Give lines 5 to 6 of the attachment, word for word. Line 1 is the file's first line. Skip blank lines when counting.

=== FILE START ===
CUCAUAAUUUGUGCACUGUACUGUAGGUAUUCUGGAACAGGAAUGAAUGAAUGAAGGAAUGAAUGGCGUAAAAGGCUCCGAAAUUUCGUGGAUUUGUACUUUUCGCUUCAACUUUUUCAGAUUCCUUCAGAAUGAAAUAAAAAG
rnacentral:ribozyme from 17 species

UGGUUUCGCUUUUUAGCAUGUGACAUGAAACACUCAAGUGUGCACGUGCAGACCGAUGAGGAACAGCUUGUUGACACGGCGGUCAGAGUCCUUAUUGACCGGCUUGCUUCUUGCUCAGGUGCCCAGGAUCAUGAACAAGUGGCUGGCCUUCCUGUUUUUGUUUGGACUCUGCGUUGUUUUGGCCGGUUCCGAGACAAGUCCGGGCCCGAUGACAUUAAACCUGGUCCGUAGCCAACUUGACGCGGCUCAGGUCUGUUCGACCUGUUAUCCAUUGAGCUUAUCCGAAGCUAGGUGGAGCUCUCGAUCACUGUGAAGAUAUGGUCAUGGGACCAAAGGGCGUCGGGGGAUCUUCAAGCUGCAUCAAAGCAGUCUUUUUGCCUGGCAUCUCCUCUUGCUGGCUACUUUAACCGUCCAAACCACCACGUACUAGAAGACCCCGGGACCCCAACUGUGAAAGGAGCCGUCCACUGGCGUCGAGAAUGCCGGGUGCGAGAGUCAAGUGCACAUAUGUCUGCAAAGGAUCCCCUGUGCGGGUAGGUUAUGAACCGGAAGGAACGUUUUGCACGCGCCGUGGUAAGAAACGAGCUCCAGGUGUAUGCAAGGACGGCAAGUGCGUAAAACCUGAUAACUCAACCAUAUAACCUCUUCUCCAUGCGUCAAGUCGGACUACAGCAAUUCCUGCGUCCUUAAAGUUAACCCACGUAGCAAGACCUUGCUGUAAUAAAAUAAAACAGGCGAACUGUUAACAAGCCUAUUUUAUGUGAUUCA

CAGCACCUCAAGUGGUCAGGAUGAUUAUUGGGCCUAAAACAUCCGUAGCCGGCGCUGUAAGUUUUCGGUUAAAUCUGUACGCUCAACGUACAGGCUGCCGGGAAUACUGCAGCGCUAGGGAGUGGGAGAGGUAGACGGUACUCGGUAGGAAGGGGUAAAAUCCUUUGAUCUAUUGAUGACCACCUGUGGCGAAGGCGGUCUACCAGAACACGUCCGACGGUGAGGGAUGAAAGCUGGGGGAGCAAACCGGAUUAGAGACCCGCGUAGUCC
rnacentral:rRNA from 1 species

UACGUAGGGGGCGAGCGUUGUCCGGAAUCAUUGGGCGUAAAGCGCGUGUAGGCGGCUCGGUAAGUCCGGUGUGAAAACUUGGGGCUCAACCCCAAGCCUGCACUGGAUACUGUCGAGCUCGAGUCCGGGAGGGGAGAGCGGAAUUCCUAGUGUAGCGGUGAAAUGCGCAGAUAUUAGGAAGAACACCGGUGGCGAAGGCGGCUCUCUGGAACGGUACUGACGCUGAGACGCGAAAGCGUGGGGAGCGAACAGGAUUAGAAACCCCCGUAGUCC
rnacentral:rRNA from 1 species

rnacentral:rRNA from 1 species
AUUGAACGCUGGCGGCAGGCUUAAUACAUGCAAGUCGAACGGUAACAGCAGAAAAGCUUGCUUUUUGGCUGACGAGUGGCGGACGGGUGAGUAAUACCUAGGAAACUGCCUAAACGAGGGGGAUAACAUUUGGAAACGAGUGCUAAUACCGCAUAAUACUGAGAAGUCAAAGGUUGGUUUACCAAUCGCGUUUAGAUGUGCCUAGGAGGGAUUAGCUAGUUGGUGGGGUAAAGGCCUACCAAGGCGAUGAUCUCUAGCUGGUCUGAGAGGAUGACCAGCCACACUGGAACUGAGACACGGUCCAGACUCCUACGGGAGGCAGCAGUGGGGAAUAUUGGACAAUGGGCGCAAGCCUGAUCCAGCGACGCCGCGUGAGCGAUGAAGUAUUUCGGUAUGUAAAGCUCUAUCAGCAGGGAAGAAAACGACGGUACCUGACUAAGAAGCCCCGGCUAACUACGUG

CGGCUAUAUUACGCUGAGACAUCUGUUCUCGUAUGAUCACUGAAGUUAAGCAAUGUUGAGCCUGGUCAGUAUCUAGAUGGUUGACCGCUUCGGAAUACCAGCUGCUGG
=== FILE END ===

rnacentral:rRNA from 1 species

UACGUAGGGGGCGAGCGUUGUCCGGAAUCAUUGGGCGUAAAGCGCGUGUAGGCGGCUCGGUAAGUCCGGUGUGAAAACUUGGGGCUCAACCCCAAGCCUGCACUGGAUACUGUCGAGCUCGAGUCCGGGAGGGGAGAGCGGAAUUCCUAGUGUAGCGGUGAAAUGCGCAGAUAUUAGGAAGAACACCGGUGGCGAAGGCGGCUCUCUGGAACGGUACUGACGCUGAGACGCGAAAGCGUGGGGAGCGAACAGGAUUAGAAACCCCCGUAGUCC